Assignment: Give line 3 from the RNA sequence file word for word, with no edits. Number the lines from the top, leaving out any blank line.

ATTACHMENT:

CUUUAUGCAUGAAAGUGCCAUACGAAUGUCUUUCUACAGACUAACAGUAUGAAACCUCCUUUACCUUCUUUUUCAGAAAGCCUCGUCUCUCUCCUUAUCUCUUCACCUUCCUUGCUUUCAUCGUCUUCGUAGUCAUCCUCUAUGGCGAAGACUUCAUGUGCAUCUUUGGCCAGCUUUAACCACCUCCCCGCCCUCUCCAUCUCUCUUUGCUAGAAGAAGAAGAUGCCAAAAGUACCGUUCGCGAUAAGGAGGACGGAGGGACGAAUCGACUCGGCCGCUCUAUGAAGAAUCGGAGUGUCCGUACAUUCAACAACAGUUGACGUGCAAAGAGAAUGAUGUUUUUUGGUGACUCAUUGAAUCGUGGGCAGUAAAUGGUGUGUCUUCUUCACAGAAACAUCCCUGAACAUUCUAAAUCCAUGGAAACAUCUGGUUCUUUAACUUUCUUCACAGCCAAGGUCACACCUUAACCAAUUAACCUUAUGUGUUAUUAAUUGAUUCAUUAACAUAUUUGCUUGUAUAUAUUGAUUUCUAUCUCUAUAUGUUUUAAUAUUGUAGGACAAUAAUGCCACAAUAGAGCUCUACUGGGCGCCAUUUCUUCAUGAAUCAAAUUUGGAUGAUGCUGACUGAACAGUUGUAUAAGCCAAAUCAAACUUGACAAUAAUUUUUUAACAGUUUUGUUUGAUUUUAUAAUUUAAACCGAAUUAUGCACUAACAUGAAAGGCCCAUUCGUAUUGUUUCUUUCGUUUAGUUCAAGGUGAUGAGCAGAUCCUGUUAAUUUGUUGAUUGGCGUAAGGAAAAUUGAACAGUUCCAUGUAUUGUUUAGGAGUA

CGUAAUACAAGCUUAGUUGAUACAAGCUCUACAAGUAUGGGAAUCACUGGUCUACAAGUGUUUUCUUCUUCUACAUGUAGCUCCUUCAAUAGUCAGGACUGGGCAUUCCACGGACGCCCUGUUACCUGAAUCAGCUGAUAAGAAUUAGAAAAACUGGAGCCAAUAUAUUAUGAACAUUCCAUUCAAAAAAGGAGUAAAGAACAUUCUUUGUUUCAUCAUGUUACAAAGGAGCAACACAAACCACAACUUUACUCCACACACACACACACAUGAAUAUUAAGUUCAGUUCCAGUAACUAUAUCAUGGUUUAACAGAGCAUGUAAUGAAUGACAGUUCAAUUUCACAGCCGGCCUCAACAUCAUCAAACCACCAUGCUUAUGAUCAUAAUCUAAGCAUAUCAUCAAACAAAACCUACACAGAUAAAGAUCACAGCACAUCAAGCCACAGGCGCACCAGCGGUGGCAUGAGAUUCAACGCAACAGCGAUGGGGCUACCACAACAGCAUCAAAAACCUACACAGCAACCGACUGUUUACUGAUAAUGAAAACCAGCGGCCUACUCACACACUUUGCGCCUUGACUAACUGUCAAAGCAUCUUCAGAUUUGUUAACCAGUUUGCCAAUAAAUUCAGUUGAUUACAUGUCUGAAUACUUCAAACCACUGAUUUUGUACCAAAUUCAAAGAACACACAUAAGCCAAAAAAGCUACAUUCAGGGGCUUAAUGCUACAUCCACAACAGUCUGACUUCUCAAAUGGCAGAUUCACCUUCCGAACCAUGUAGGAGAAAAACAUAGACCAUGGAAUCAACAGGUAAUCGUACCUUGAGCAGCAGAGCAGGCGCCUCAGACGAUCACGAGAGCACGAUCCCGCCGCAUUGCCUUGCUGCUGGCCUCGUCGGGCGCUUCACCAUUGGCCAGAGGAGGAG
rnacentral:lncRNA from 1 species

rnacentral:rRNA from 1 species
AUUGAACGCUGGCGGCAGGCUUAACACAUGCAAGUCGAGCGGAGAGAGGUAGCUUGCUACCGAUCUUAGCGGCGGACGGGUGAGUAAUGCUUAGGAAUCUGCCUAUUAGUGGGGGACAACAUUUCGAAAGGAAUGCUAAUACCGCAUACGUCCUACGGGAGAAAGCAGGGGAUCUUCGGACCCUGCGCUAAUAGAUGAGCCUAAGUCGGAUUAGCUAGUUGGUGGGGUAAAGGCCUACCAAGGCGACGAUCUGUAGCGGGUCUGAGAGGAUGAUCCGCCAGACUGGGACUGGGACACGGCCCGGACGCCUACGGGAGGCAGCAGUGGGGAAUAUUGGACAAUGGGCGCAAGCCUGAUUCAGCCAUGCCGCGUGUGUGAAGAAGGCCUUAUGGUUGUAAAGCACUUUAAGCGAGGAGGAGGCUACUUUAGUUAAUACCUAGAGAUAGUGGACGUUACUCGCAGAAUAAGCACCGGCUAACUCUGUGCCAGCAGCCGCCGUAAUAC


rnacentral:lncRNA from 1 species